And Absalom, and all the people the men of Israel, came to Jerusalem, and Ahithophel with him.
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EXPOSITORY (ENGLISH BIBLE)2 Samuel 16:15. Absalom and all the people came to Jerusalem — Probably a considerable time before David reached the banks of Jordan, to which he was marching. When David quitted Jerusalem, it was upon a persuasion that Absalom would make all the haste he could to possess himself of the capital, and, if possible, to surprise his father in it. And as he judged, so, it appears, it came to pass.And Absalom, and all the people the men of Israel, came to Jerusalem, and Ahithophel with him.
EXEGETICAL (ORIGINAL LANGUAGES)
15. And Absalom, &c.] The narrative of Absalom’s proceedings is continued from ch. 2 Samuel 15:12; 2 Samuel 15:37. He seems to have entered Jerusalem soon after David left it, perhaps about noon on the same day.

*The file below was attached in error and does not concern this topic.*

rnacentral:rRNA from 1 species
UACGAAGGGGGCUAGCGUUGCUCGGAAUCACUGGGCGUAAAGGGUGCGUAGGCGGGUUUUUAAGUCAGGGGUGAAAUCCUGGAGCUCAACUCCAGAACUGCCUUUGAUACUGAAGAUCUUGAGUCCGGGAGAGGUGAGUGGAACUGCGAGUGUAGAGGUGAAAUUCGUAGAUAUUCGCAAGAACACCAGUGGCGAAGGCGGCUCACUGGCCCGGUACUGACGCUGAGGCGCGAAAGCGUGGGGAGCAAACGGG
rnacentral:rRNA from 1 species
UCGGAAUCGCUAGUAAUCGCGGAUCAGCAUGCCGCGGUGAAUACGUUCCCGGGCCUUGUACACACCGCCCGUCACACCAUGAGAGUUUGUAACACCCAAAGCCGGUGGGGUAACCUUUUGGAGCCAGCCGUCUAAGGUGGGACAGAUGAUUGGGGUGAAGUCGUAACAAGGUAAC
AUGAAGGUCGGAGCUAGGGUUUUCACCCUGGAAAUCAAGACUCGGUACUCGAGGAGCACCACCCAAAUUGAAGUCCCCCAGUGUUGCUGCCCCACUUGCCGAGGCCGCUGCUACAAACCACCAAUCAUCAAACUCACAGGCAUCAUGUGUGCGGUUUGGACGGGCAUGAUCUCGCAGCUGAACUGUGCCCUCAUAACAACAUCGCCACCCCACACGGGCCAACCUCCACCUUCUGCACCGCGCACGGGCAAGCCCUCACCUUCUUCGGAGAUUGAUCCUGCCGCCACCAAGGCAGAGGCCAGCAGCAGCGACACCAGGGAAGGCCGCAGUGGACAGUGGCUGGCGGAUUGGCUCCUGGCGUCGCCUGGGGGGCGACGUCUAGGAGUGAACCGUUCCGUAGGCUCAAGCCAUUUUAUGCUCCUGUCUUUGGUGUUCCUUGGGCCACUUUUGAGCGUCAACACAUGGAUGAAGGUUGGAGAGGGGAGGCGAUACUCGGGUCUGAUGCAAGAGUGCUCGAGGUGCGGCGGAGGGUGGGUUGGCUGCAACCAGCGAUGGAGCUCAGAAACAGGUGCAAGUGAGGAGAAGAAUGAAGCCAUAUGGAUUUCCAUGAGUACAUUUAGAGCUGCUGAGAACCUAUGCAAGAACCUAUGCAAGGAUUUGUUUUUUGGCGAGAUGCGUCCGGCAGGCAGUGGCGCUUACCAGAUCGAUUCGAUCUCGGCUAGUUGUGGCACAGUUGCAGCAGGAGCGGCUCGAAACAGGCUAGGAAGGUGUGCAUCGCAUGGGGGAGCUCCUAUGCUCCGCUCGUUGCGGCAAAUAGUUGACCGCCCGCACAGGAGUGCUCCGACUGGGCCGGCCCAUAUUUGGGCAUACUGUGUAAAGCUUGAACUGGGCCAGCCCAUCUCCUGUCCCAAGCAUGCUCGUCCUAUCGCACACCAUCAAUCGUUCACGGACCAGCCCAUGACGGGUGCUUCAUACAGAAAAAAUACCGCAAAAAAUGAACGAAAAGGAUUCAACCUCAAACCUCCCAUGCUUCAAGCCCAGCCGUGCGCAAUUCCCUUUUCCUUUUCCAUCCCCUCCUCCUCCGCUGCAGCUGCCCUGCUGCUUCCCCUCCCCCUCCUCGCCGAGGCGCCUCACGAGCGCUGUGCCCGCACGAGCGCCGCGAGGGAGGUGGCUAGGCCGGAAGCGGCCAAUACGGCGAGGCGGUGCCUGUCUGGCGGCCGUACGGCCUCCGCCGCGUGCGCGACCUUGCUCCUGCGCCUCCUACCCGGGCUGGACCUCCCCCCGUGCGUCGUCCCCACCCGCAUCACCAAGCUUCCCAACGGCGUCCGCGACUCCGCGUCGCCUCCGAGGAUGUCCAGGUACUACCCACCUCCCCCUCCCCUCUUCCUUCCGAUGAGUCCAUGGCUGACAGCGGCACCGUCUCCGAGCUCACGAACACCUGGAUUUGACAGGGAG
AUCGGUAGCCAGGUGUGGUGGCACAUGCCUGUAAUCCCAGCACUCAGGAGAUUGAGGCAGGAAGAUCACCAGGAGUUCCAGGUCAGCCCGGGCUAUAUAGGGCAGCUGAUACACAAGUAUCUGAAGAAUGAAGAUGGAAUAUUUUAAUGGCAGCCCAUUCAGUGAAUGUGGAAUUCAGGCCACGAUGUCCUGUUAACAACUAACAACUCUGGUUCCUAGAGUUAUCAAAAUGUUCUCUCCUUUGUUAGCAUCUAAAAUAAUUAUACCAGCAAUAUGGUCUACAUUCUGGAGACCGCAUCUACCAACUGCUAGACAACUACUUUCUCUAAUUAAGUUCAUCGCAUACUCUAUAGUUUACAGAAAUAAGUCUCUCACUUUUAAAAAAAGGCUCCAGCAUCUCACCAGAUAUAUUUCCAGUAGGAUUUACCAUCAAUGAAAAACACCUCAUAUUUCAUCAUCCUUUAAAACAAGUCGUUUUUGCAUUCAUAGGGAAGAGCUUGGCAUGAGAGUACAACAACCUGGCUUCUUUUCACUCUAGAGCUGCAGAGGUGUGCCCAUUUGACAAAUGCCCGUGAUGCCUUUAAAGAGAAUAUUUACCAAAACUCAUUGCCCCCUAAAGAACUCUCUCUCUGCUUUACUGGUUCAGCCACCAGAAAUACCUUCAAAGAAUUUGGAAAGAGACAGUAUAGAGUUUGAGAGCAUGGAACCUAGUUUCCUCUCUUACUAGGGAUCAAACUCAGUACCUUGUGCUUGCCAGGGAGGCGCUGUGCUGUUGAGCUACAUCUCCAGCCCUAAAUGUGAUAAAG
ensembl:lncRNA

the men of Israel] The term Israel is constantly applied to Absalom’s followers in this narrative. It is used in a general sense, and not to signify the northern tribes as distinguished from Judah, for the strength of the insurrection, originally at any rate, lay in the south. See note on ch. 2 Samuel 15:10. Those who remained faithful to David are never called the men of Judah, but simply the people (ch. 2 Samuel 15:17; 2 Samuel 15:23-24; 2 Samuel 15:30; 2 Samuel 16, 17, 18, 19).2 Samuel 9:8). "Let me go," said he to David, "and take away his head," i.e., chop off his head. But David replied, "What have I to do with you, ye sons of Zeruiah?" Joab probably joined with Abishai. The formula "what to me and you?" signifies that a person did not wish to have anything in common with the feelings and views of another (cf. 1 Kings 17:18; Joshua 22:24; and τὶ ἐμοὶ καὶ σοί, John 2:4. For the thing itself, comp. Luke 9:52-56). "If he curses, and if Jehovah hath said to him, Curse David, who shall then say, Wherefore hast thou done so?" For יה וכי יקלּל כּי (Chethib), the Masoretes give us the Keri, יה כּי יקלּל כּה, "so let him curse, for Jehovah," etc. This thought lies at the foundation of the rendering adopted by the lxx, who have inserted, by way of explanation, καὶ ἄφετε αὐτὸν καὶ: so let him go, and so may he curse. The Vulgate is just the same: dimittite eum ut maledicat. This interpolation is taken from 2 Samuel 16:11, and, like the Keri, is nothing more than a conjecture, which was adopted simply because כּי was taken as a causal particle, and then offence was taken at וכי. But כּי signifies if, quando, in this passage, and the ו before the following וּמי introduces the apodosis.
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